I replaced my laptop with this wild dual-screen beast for a week — here’s what happened

Asus ROG Zephyrus Duo 16
(Image credit: Future/Getty Images/Ysr Dora)

The Asus ROG Zephyrus Duo 16 is a beautiful monstrosity. It has a striking 16-inch, QHD main display that is the brightest panel on a gaming laptop I've ever seen. It comes with a second display, too, that invades the deck, shunting the keyboard to the bottom half.

Is this second display, also known as ScreenPad Plus, just a gimmick? Or does it actually serve a useful purpose?

I decided to put the ROG Zephyrus Duo 16 to the test, replacing my beloved HP Envy 13 with an out-of-this-world $4,655 Asus laptop for a week. Yes, you read that correctly — this chunky bad boy costs nearly $5,000. Is it worth it though? Let's talk about it.

3 things I love about the Asus ROG Zephyrus Duo 16

Hands down, the Asus ROG Zephyrus Duo 16 is one of the most innovative technological feats of 2023, if not the best. 

Asus ROG Zephyrus Duo 16

Asus ROG Zephyrus Duo 16 (Image credit: Future)

This particular review unit, which you can find on Newegg, is filled to the brim with class-leading specs:

  • AMD Ryzen 9 7945HX CPU
  • Nvidia GeForce RTX 4090 GPU (16GB of VRAM)
  • 32GB of RAM
  • 2TB of SSD storage
  • Windows 11 Pro

While it has its faults (we'd be out of our minds to instantly expect perfection from such innovative, envelope-pushing tech), this dual-screen wonder has far more pros than cons.

After spending seven days with the Duo 16, diving into my typical workflow by day and playing Cyberpunk 2077 at night, here are three things I absolutely adore about this dazzling dual-screen device.

1. Multitasking

The second display, also known as the ScreenPad Plus, is a showstopper on the Duo 16. It's a 14-inch, 2560 x 734-pixel touchscreen. You can watch it rise to a glorious 30-degree angle after opening the lid, and man, this thing looks like a funky futuristic laptop ripped out of a spaceship from year 3005.

I'm often hopping on video calls for work, and sometimes, I can get away with completing some tasks behind the scenes. (Hey, it's called good time management!) However, when I have a single-screen laptop, Google Meet often disappears from view while my display gets swamped with content.

But things are different on the Duo 16. I can drag Google Meet down to the ScreenPad Plus — and I can see my colleagues in all of their glory — while having the main display all to myself as my work playground.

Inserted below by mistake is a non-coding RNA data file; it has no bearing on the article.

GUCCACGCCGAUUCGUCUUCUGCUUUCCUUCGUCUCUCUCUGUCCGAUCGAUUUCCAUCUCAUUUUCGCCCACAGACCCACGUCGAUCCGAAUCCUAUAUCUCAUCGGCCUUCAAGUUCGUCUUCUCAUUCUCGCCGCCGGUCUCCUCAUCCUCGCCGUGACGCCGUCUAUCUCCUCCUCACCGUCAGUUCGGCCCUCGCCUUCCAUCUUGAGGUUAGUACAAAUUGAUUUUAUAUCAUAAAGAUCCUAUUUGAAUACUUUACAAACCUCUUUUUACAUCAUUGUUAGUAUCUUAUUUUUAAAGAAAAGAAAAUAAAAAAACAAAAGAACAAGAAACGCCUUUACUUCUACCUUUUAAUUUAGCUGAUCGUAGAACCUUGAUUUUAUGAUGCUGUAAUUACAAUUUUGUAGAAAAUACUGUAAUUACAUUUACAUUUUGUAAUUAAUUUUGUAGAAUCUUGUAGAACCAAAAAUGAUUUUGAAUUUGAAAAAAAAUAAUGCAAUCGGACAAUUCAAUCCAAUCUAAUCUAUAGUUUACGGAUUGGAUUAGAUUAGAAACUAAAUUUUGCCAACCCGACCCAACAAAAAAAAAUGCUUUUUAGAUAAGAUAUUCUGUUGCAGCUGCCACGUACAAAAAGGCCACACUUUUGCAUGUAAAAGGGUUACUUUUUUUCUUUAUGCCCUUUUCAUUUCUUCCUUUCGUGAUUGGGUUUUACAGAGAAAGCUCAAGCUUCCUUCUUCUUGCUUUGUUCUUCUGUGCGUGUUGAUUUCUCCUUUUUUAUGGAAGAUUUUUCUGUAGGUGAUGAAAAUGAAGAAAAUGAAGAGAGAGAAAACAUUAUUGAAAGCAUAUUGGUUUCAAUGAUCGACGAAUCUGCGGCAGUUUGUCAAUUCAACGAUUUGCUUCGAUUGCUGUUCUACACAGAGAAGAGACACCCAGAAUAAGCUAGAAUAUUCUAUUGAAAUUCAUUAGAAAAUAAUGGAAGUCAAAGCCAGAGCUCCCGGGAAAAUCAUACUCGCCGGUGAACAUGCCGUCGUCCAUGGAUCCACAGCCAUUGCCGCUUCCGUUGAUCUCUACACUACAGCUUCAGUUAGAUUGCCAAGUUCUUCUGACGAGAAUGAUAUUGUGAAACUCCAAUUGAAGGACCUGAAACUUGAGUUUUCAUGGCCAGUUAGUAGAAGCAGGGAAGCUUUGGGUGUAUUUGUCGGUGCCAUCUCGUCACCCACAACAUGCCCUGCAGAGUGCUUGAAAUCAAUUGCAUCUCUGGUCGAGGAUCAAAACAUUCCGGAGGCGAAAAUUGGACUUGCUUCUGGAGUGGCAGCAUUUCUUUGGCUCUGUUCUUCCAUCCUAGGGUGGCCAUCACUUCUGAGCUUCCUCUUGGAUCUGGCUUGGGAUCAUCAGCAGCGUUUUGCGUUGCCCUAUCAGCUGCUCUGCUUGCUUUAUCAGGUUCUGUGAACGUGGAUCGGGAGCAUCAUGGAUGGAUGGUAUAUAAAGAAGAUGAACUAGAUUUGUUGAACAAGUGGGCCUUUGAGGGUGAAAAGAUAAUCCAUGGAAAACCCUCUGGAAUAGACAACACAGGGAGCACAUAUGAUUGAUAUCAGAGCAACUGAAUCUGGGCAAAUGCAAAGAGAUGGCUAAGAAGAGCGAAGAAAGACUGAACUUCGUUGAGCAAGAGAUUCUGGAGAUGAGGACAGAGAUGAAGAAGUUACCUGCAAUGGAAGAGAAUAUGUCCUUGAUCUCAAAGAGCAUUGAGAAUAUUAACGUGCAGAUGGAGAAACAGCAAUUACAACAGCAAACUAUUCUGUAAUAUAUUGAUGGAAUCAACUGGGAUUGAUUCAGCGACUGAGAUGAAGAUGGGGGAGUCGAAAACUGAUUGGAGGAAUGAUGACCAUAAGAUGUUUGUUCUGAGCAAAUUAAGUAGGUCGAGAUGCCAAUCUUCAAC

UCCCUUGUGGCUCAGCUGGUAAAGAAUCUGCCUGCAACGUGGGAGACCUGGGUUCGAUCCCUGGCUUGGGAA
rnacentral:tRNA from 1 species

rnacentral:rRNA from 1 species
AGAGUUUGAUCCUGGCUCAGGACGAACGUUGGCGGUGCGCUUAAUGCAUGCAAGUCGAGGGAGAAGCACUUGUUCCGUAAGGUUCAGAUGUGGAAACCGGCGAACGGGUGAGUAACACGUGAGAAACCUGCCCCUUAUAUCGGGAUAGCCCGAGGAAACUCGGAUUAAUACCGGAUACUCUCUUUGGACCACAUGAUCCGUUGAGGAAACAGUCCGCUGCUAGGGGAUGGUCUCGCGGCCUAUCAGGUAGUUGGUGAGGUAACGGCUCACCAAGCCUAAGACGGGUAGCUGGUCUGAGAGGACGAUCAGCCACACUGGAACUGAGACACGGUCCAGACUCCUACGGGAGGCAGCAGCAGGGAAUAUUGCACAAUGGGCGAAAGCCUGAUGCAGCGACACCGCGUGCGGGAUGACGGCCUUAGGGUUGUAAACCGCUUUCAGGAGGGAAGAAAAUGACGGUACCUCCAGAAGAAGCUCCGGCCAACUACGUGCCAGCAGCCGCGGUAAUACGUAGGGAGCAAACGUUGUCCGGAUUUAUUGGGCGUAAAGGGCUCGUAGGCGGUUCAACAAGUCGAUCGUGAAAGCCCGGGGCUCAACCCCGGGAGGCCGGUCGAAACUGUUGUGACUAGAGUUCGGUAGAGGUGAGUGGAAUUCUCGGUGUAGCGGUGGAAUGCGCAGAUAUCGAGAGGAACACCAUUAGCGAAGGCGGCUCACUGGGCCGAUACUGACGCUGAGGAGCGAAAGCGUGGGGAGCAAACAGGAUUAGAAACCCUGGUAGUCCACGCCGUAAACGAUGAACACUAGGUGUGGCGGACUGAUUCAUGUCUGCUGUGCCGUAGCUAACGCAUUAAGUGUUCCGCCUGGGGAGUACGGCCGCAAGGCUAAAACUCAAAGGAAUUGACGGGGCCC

Asus ROG Zephyrus Duo 16

Asus ROG Zephyrus Duo 16 (Image credit: Asus)

And when I'm ready to focus on the Laptop Mag gang again, I can drag and drop Google Meet right back up to the main display.

Asus ROG Zephyrus Duo 16

Asus ROG Zephyrus Duo 16 (Image credit: Future)

And can we talk about how multitasking on this thing is fantastic?! My work requires a lot of cross-referencing, requiring me to peruse through several documents and apps simultaneously. While writing in-depth reviews (I actually wrote Laptop Mag's Duo 16 review on this dual-screen darling), I have Google Docs open as well as other content (e.g., in-house test results) that help to support the article. On a single-screen laptop, I'm often bouncing between windows and tabs.

On the Duo 16, however, I can attach three different windows into the ScreenPad Plus' trio of slots, which is perfect because I'm often crossferencing three or more apps, documents, or Google Chrome windows. I zipped through my work at Laptop Mag faster than ever, allowing me to glance at several documents at once all in one device — without lifting a finger.

Asus ROG Zephyrus Duo 16 handwriting SceeenPad Plus

Asus ROG Zephyrus Duo 16 (Image credit: Kimberly Gedeon)

It's also worth noting that ScreenPad Plus has a cool handwriting app, allowing you to sketch and take notes on the second screen.

2. The keyboard is so friggin' clicky

I'll admit it. I'm a keyboard snob. If my fingers aren't flying across the keys like a seasoned tango dancer, I don't care if the laptop is made out of gold, I don't want it. This is why I can't let go of the HP Envy 13; I've yet to find a keyboard that matches its satisfying, tactile greatness — until now.

Truth be told, I expected the Duo 16's keyboard to suck. I mean, come on, look at it. With the ScreenPad Plus taking over the top half of deck and the keyboard being shoved to the bottom half, I thought I was going to hate this keyboard. Surprisingly, I don't. At first, as a touch typist, my brain was thrown off by the Duo 16's layout. It wasn't use to the keys being so low on the deck, but after a day or two, I quickly grew accustomed to the odd keyboard. With 1.7mm of travel, clicky keys, and incredible tactile feedback, I was impressed with how my fingers pranced across the keyboard like graceful ballet dancers.

Asus ROG Zephyrus Duo 16

Asus ROG Zephyrus Duo 16 (Image credit: Future)

One downside is that there isn't a built-in palm rest (my palms are just hanging off the deck), but fortunately, the Duo 16 ships with a detachable, magnetic one, which rectifies the issue.

3. The main display is brilliant